Farmers are always striving to improve, and at Grotegut Dairy Farm in Newton, Wisconsin, they are using modern technology to make their farm even more sustainable.
In 2008, Grotegut Dairy Farm put in a methane (anaerobic) digester, which decomposes the manure into a gaseous biogas product.
“At that time, we were able to sell that electricity back on the grid, which worked well,” said Doug Grotegut, of Grotegut Dairy Farm, Inc. Doug, who farms with his son Kip and nephew Eric, milks about 3,000 cows and grows feed for them on approximately 3,300 acres.
In 2010, they expanded their dairy and put in a second digester, which continued to produce electricity for another five years.
The Groteguts then had the opportunity to partner with DTE Biomass Energy, which is a Detroit-based energy company, and Rev LNG, LLC, which is a pioneer in the liquid natural gas solutions market.
Together, they create renewable natural gas from methane made by cow manure. First, the digester captures methane from the manure. Next, the methane is refined to meet quality standards, and then it’s injected into a natural gas transmission line.
“We run the digesters ourselves. They take 100 percent of the dirty gas off the line and run it a half mile up the road to a cleaning site,” Doug said. “Then it gets scrubbed, cleaned, compressed, and injected into the main line.”
Once injected, it’s then monetized by selling the gas along with the low carbon fuel standards (LCFS) credit , and renewable identification number (RIN) credit.
Previously, there was a carbon credit offset when the gas produced from the methane digester was used in a methane engine/generator. The digester was taking methane out of the atmosphere, but it still resulted in an emission in the form of exhaust. The new way is even more sustainable.
By doing it this way, the gas goes into a pipeline, and for instance, that molecule of gas can go all the way to California to fuel vehicles like a compressed natural gas (CNG ) semi truck.
“This method is actually pulling a diesel semi off the road in favor of a CNG semi,” Doug said. “As a result, the offset is worth about ten times as much as a regular carbon offset - depending on the market - because we’re pulling diesel fuel emissions off the road replacing with vehicles running renewable energy.”
The process works well for Grotegut Dairy, so they’re able to concentrate on their area of expertise, and their partners can work on their area of interest.
“They deal with the brokers and the carbon credits now,” Doug said. “I want to milk cows, take care of them, and take great care of the land. We’ve had good luck with the digesters and the program so far.”
Before the Groteguts started with their first digester, they were buying manure solids. When they installed their digester, they were able to start making their own recycled bedding.
“The digester heats the manure to 102 degrees for 21 days, and that kills the bugs and pathogens in the manure,” Doug said. “We run it through a screw-press, which takes the water out. This takes it down to 70% moisture, and that’s what we use for bedding.”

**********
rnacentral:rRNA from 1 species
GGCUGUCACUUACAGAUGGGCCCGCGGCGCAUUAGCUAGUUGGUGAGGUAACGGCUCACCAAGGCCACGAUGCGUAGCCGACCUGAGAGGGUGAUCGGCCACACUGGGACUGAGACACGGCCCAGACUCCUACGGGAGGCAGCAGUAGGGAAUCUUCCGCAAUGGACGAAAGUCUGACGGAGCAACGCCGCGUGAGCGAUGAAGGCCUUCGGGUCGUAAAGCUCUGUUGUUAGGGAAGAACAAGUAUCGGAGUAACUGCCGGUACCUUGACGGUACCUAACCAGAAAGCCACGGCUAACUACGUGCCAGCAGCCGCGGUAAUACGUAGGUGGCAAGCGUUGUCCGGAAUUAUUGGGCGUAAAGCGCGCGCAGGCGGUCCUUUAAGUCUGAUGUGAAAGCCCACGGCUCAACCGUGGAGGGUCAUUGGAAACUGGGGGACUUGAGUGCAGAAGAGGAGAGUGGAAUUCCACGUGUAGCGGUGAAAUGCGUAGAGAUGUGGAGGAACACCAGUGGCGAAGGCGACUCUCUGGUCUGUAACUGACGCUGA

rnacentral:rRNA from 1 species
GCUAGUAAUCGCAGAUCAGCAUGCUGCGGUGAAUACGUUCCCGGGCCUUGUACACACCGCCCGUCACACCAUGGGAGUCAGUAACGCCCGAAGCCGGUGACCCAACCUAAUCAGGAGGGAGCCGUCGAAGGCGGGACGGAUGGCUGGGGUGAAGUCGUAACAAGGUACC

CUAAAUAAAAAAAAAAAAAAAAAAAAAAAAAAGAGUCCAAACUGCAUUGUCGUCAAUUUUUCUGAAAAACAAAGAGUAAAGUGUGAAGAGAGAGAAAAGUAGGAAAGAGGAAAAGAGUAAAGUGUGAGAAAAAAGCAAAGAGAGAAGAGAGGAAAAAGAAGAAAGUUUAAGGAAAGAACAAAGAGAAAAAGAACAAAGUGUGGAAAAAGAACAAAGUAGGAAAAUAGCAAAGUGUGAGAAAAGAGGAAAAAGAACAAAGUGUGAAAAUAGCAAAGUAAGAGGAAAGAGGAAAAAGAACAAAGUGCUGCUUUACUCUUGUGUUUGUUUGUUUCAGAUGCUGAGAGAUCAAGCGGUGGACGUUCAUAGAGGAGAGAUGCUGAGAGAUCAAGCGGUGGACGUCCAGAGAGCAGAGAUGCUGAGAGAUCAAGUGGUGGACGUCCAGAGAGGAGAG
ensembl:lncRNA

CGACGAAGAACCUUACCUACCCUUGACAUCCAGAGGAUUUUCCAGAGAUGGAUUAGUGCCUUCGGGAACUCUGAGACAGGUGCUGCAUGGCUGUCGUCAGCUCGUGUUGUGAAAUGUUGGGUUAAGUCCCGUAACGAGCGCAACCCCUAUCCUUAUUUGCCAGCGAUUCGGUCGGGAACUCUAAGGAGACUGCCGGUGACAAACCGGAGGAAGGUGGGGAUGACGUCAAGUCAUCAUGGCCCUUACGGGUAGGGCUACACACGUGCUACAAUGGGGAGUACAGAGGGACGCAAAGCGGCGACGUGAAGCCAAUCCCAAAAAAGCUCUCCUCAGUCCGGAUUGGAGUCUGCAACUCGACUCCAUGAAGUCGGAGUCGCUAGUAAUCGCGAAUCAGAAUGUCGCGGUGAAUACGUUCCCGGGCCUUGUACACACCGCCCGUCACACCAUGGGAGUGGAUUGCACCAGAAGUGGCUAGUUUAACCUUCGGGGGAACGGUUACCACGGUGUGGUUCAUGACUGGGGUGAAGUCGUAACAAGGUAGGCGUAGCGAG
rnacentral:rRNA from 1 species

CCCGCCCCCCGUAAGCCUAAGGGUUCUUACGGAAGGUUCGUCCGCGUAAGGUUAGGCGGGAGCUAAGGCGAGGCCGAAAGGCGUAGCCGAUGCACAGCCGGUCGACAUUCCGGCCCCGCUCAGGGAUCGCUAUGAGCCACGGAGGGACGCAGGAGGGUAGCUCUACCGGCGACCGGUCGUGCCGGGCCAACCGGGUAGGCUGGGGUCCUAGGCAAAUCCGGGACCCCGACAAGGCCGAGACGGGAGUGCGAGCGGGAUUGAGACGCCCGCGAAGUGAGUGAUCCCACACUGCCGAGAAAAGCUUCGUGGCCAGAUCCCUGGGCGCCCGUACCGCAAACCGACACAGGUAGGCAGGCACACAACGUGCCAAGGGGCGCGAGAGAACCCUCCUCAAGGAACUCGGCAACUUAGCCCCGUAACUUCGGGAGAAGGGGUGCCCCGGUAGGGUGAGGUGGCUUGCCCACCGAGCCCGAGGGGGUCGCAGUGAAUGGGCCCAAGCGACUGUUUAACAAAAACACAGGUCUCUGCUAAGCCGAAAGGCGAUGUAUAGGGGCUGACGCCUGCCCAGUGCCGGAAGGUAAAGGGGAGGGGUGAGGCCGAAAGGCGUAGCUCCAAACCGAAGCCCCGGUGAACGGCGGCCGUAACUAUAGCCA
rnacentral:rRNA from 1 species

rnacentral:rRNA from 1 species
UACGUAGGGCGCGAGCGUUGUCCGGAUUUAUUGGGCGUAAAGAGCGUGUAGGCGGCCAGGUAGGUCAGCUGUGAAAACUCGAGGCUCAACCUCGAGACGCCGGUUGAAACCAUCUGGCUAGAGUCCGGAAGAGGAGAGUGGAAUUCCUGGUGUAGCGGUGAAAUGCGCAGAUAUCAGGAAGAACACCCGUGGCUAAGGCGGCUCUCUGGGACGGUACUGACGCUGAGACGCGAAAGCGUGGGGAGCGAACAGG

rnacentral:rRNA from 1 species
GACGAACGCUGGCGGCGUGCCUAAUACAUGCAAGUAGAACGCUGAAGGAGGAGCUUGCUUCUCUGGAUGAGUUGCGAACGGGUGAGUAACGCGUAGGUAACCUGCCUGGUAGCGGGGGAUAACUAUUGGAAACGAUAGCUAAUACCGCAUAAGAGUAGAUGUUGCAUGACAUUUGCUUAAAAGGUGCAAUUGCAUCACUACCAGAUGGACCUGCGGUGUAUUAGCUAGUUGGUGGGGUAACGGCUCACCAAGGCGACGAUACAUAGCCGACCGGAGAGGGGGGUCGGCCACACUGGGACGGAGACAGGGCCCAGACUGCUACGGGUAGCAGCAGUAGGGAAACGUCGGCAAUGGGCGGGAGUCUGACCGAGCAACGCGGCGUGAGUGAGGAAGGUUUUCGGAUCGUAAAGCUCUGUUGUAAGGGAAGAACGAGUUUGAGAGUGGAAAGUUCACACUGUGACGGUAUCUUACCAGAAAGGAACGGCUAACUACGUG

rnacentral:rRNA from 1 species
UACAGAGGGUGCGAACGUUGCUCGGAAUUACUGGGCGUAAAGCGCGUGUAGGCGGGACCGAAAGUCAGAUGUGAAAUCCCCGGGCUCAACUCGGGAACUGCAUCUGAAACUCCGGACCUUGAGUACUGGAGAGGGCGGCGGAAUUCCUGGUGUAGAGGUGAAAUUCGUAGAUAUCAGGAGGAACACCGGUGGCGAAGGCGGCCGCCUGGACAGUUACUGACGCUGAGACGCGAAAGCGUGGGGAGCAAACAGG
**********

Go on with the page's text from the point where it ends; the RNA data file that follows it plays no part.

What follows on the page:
Using this method, the manure is recycled for a positive use, and they don’t have to purchase a non-renewable resource to bed down their cattle.
“Every stall gets bedded three days a week, and we have cross vent along with some tunnel vent barns, which helps it dry,” Doug said. “We’ve been happy with the results.”
The latest innovation the Groteguts have embraced is using technology to get their cost of feed production down. They did that by investing in technology that helps them determine their exact expenses.
“We are using Granular Insights, which is software that combines GPS and technical information from all of our equipment to calculate cost,” he said. “It records fuel usage, how many hours equipment is run, where it goes, and it tracks it all so we get a calculation of how much it costs us to grow an acre of alfalfa or corn.”
Since it’s difficult to track costs, this is a modern way to get a handle on expenses. It also helps with decision-making on purchasing feed, plus buying or renting land.
“Some years corn prices are high, and you know you could produce it yourself cheaper,” he said. “Some years it’s low, and you know it would cost more to grow. By having all of this exact information, we can decide what best to do.”
In addition to the software, they also use the yield monitor on the choppers, plus every load gets weighed for exact data. The measurement tools make the process less of a guess by being more accurate.
“By weighing every load on the scale, we can get a more exact number,” he said. “We can know exactly what goes in and out through the mixer, and we can better calculate our shrink.”
Financial services officer Dan Gitter has been with GreenStone for 24 years, and he has been working directly with the Grotegut family for over a decade.
“I’ve known the family for quite a number of years, and they have a long track record of evaluating opportunities and determining if they’re a good fit for their business,” Dan said. “They are very capable of making the decision to discontinue something they’ve been doing if it’s no longer a good fit and taking a look at new opportunities to evaluate if it will add to the bottom line.”
Dan, also a Wisconsin native and from a dairy farm, appreciates the innovative nature of the Grotegut family.
“It’s been excellent working with them,” Dan said. “We have open communication, candid discussions about the direction they want to go, and we share insights to try to come up with the best financial solution.”